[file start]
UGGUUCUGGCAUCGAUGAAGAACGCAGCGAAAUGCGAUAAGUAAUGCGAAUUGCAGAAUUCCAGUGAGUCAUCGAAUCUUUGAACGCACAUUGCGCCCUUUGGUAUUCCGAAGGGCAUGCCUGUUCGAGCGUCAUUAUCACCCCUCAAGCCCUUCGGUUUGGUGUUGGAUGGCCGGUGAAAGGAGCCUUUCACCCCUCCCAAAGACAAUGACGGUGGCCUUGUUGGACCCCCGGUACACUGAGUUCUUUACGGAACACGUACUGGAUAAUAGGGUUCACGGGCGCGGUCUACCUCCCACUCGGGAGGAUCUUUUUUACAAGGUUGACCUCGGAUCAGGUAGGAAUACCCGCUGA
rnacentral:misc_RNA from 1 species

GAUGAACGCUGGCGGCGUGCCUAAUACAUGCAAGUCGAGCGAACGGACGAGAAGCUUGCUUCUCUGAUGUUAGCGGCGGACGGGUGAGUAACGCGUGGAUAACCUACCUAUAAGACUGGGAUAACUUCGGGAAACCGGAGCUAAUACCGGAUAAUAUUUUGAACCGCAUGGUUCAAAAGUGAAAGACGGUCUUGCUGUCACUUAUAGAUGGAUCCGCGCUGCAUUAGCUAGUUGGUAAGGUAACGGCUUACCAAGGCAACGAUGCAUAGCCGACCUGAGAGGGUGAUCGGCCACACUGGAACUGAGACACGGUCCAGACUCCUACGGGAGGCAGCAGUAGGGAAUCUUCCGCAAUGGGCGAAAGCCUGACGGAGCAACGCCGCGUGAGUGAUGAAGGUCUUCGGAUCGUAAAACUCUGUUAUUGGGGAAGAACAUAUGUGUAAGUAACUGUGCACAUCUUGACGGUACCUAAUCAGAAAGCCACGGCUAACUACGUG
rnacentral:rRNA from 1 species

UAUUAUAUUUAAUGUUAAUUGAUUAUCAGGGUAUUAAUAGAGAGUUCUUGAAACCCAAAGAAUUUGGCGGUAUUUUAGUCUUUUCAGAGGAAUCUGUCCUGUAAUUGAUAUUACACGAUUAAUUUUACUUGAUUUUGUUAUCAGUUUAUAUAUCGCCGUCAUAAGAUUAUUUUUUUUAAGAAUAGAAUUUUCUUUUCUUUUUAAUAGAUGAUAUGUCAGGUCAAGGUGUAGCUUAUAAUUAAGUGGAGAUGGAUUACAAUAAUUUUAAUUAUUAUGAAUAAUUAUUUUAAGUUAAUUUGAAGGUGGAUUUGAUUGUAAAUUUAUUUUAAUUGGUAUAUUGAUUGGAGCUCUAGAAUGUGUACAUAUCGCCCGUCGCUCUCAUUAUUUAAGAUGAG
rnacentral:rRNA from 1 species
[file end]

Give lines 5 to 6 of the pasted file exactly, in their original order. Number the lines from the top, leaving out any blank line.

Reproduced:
UAUUAUAUUUAAUGUUAAUUGAUUAUCAGGGUAUUAAUAGAGAGUUCUUGAAACCCAAAGAAUUUGGCGGUAUUUUAGUCUUUUCAGAGGAAUCUGUCCUGUAAUUGAUAUUACACGAUUAAUUUUACUUGAUUUUGUUAUCAGUUUAUAUAUCGCCGUCAUAAGAUUAUUUUUUUUAAGAAUAGAAUUUUCUUUUCUUUUUAAUAGAUGAUAUGUCAGGUCAAGGUGUAGCUUAUAAUUAAGUGGAGAUGGAUUACAAUAAUUUUAAUUAUUAUGAAUAAUUAUUUUAAGUUAAUUUGAAGGUGGAUUUGAUUGUAAAUUUAUUUUAAUUGGUAUAUUGAUUGGAGCUCUAGAAUGUGUACAUAUCGCCCGUCGCUCUCAUUAUUUAAGAUGAG
rnacentral:rRNA from 1 species